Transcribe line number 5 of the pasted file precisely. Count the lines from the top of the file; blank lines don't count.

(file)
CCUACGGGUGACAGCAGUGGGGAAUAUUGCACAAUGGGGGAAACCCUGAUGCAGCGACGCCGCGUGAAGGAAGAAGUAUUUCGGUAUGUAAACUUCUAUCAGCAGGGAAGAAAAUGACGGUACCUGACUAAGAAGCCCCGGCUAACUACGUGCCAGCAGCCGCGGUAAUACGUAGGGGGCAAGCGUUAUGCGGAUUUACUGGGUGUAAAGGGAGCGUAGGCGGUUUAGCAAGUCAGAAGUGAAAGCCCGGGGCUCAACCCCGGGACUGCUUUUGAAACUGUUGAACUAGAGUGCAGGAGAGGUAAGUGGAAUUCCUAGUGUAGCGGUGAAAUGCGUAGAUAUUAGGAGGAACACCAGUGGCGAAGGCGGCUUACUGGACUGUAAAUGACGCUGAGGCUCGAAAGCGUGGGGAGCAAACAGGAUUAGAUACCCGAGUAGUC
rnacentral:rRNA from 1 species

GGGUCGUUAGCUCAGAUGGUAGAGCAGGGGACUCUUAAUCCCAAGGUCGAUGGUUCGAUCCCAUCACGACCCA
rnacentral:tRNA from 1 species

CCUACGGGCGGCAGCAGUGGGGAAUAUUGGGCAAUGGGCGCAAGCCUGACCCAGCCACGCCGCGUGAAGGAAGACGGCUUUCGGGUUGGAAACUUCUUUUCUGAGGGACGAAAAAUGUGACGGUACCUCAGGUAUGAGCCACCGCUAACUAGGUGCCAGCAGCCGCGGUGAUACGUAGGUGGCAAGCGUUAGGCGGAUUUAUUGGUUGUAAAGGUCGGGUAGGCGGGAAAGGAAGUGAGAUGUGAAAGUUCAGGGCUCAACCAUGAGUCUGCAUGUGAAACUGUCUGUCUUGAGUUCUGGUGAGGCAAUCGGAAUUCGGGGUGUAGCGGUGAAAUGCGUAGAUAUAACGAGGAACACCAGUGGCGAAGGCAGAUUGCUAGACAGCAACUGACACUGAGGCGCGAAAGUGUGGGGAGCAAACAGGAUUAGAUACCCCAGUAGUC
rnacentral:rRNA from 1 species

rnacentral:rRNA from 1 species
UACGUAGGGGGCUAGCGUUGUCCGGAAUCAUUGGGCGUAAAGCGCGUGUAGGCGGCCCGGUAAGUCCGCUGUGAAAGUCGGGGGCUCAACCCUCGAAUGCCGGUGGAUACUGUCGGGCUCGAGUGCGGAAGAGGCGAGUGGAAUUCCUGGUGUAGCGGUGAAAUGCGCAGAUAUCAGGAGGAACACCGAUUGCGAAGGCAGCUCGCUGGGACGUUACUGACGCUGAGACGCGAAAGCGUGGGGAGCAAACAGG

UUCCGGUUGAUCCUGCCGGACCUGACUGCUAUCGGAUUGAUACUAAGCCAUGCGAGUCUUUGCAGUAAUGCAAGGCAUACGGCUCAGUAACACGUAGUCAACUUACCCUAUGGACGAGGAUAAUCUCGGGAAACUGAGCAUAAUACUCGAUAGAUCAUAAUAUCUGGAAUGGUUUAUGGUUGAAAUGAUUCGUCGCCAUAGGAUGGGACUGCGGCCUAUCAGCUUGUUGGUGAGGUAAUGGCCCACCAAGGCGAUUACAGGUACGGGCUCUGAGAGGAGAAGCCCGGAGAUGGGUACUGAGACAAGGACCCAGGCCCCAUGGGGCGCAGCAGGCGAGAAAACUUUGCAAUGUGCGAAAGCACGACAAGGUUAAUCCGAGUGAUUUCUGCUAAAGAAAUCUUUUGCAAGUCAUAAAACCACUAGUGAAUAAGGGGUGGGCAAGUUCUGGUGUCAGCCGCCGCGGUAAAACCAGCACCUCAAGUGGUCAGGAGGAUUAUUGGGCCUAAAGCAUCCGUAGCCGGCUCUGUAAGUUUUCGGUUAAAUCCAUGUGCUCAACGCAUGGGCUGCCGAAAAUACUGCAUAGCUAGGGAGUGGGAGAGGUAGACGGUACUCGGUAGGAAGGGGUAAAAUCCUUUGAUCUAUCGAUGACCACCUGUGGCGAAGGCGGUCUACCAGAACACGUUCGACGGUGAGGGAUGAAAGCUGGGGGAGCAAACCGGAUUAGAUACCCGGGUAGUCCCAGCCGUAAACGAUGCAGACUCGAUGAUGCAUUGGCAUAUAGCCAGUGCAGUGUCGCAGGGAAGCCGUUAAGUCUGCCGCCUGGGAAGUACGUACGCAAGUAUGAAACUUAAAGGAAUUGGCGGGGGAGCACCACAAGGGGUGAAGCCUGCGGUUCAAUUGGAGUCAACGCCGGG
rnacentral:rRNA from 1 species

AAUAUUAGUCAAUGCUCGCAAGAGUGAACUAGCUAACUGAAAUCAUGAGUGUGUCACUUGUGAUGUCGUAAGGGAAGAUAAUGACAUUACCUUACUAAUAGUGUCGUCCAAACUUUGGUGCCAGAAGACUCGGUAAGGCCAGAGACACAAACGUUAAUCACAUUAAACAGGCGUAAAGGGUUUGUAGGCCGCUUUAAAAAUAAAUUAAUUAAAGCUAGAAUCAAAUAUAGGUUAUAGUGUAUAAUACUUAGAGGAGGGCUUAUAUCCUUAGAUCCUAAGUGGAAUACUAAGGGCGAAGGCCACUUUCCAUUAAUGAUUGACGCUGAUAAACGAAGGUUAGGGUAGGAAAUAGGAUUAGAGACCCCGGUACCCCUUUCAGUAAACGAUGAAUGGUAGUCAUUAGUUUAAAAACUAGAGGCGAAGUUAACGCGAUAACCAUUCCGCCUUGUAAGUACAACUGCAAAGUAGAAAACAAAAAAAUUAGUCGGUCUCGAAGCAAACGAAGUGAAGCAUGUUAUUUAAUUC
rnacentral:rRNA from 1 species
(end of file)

CCUACGGGCGGCAGCAGUGGGGAAUAUUGGGCAAUGGGCGCAAGCCUGACCCAGCCACGCCGCGUGAAGGAAGACGGCUUUCGGGUUGGAAACUUCUUUUCUGAGGGACGAAAAAUGUGACGGUACCUCAGGUAUGAGCCACCGCUAACUAGGUGCCAGCAGCCGCGGUGAUACGUAGGUGGCAAGCGUUAGGCGGAUUUAUUGGUUGUAAAGGUCGGGUAGGCGGGAAAGGAAGUGAGAUGUGAAAGUUCAGGGCUCAACCAUGAGUCUGCAUGUGAAACUGUCUGUCUUGAGUUCUGGUGAGGCAAUCGGAAUUCGGGGUGUAGCGGUGAAAUGCGUAGAUAUAACGAGGAACACCAGUGGCGAAGGCAGAUUGCUAGACAGCAACUGACACUGAGGCGCGAAAGUGUGGGGAGCAAACAGGAUUAGAUACCCCAGUAGUC